[Reply]

    Ethan Reply:

    This is a really great option, especially because the Fein is so pricey. Also, so many people I’ve talked to say “I don’t know what I’d do with an OMT”. Then after getting one, they use it all the time.

    [Reply]

    Chris Reply:

    That’s pretty much what I think I will do. It’s just convincing myself that this needs to be in the budget.

    [Reply]

  • MissFixIt responds...
    September 20th, 2012 7:54 pm

    Seems like a amazing tool. With the interchangeability makes it even better. We were looking into getting one here because the stupid builder put the baseboards on THEN tiled. So we need to cut out the baseboard when we go to replace them. They look awfully short and nothing like a baseboard should look like.

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  • trebor responds...
    September 20th, 2012 10:33 pm

    It took me quite a few Google searches to find out that OMT standard for oscillating multi-tool :S

    Looks handy though. I could how once you have one, there’d be a lot of opportunities to find ways to put it to use

    [Reply]

  • Brady responds...
    September 21st, 2012 7:39 am

    Does anyone have experience with owning an OMT for a while (and getting fairly use out of it)? I’d like to know how long the blades and accessories last. Also, does anyone have a list of the tasks that can be accomplished with one? I truly believe that one of these could replace a multitude of other tools.

    [Reply]

    PhotoEthan Reply:

    I’ve had one for about a year and a half and I find that it is indispensable for certain tasks. The plunge and flush cutting ability is something that is hard to duplicate with any other saw besides maybe the Bosch Finecut, but the Finecut is really limited to flush cutting and can’t get into the tight spaces that an OMT can. As for the tasks, I’d take a look at a few manufactuerer’s websites and they’ll tell you but I’ve used mine for cutting back framing, drywall, nails (won’t work on screws they’re hardened), undercutting doorjambs and casing for flooring jobs, sanding, stripping paint, adhesive and caulk, removing grout, etc… etc… etc… I wouldn’t say they are a replacement for a lot of tools but they can do a lot of things that used to be strictly the domain of hand tools.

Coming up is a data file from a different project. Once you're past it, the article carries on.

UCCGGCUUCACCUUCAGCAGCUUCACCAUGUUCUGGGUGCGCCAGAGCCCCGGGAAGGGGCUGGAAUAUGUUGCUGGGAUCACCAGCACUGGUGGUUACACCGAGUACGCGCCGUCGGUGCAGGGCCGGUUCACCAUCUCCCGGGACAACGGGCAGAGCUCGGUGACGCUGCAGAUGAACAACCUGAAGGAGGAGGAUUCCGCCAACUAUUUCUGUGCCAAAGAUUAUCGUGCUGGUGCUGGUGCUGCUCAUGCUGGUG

[Reply]

  • Reuben responds...
    September 29th, 2012 10:58 pm

    I definitely need to get on the oscillating tool bandwagon. Everybody’s getting them these days and they look really useful. It’s so hard for me to tell all the brands apart, though.

    [Reply]

  • Joe responds...
    October 4th, 2012 6:34 pm

    How do those crazy looking scissor things work? Did you at least mutilate some paper to try them out?

    [Reply]

    Ethan Reply:

    They remind me of a Swiss Army Knife scissor on steroids. Not really sure how useful that accessory will be.

    [Reply]

  • Reuben responds...
    October 23rd, 2012 10:10 am

    I recently bought the Bosch MX30. I’ve only used it once, but I’ve been pretty impressed. It also has the tool-free blade change feature, which is really nice. Any idea if the SoniShear scissors will work on a Bosch? It doesn’t sound like the Bosch is quite as advanced at accepting blades from other manufacturers?

    [Reply]

    Ethan Reply:

    Not sure about using the SoniShear on the Bosch, and I don’t actually have a Bosch unit to try out. Rockwell did a good job making their OMT and accessories compatible with competitors. I bet they integrated better than Bosch.

    [Reply]

  • HANDYMAN51 responds...
    February 11th, 2013 4:42 pm

    Anyone out there use the SoniShear for haircuts? Do they slice through ears very often? ( DON’T try this at home!)

    [Reply]

  • Christie responds...
    January 13th, 2014 9:58 am

    I have used this tool to completely redo a trailer from inside and out. This is truly one of the most amazing tools. I used it for Cutting 2 x 4s out off walls to cutting trim on baseboard. I’ve used it forgetting sheetrock for light switch covers. This is Saved me an enormous amount of time and energy. This is truly the best tool I’ve ever had in my possession.

    [Reply]